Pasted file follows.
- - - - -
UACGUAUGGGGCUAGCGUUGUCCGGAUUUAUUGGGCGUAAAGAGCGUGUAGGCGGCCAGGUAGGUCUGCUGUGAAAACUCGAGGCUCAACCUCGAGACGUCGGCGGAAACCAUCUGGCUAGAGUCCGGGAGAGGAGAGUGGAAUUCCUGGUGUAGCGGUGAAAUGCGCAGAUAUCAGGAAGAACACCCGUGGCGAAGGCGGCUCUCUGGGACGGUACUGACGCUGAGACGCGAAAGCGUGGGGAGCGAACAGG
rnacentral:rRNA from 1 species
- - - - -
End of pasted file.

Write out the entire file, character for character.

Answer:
UACGUAUGGGGCUAGCGUUGUCCGGAUUUAUUGGGCGUAAAGAGCGUGUAGGCGGCCAGGUAGGUCUGCUGUGAAAACUCGAGGCUCAACCUCGAGACGUCGGCGGAAACCAUCUGGCUAGAGUCCGGGAGAGGAGAGUGGAAUUCCUGGUGUAGCGGUGAAAUGCGCAGAUAUCAGGAAGAACACCCGUGGCGAAGGCGGCUCUCUGGGACGGUACUGACGCUGAGACGCGAAAGCGUGGGGAGCGAACAGG
rnacentral:rRNA from 1 species